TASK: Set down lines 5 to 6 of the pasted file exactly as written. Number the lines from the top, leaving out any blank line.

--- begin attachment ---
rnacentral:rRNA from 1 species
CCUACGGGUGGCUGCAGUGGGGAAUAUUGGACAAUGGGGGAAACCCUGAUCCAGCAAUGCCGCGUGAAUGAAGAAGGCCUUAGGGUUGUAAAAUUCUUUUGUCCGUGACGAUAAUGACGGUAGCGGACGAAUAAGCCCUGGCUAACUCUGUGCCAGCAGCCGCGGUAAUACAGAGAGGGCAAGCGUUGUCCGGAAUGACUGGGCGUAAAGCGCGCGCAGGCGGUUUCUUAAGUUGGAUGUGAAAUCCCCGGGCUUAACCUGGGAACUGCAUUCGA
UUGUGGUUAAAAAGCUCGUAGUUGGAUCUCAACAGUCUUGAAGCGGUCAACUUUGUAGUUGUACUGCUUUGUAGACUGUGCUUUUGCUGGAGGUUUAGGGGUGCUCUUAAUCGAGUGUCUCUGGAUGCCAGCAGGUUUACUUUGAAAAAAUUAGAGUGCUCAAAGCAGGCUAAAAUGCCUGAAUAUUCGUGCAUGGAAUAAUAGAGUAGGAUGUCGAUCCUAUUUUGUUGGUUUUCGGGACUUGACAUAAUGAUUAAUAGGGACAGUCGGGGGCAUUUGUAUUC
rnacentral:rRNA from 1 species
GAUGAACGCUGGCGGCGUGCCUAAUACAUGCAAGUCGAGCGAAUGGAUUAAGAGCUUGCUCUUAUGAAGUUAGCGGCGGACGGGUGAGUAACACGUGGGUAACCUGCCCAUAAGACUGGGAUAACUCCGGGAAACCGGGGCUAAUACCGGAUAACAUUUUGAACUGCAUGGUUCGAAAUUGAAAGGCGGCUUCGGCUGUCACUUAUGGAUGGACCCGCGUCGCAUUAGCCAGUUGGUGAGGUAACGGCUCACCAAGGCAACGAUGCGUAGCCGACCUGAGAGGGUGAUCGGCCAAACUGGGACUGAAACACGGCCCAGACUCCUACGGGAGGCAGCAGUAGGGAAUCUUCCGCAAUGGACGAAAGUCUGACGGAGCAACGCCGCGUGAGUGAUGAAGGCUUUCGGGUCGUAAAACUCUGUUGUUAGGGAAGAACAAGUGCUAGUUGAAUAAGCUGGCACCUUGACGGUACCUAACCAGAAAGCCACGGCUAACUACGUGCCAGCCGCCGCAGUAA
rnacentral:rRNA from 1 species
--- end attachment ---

GAUGAACGCUGGCGGCGUGCCUAAUACAUGCAAGUCGAGCGAAUGGAUUAAGAGCUUGCUCUUAUGAAGUUAGCGGCGGACGGGUGAGUAACACGUGGGUAACCUGCCCAUAAGACUGGGAUAACUCCGGGAAACCGGGGCUAAUACCGGAUAACAUUUUGAACUGCAUGGUUCGAAAUUGAAAGGCGGCUUCGGCUGUCACUUAUGGAUGGACCCGCGUCGCAUUAGCCAGUUGGUGAGGUAACGGCUCACCAAGGCAACGAUGCGUAGCCGACCUGAGAGGGUGAUCGGCCAAACUGGGACUGAAACACGGCCCAGACUCCUACGGGAGGCAGCAGUAGGGAAUCUUCCGCAAUGGACGAAAGUCUGACGGAGCAACGCCGCGUGAGUGAUGAAGGCUUUCGGGUCGUAAAACUCUGUUGUUAGGGAAGAACAAGUGCUAGUUGAAUAAGCUGGCACCUUGACGGUACCUAACCAGAAAGCCACGGCUAACUACGUGCCAGCCGCCGCAGUAA
rnacentral:rRNA from 1 species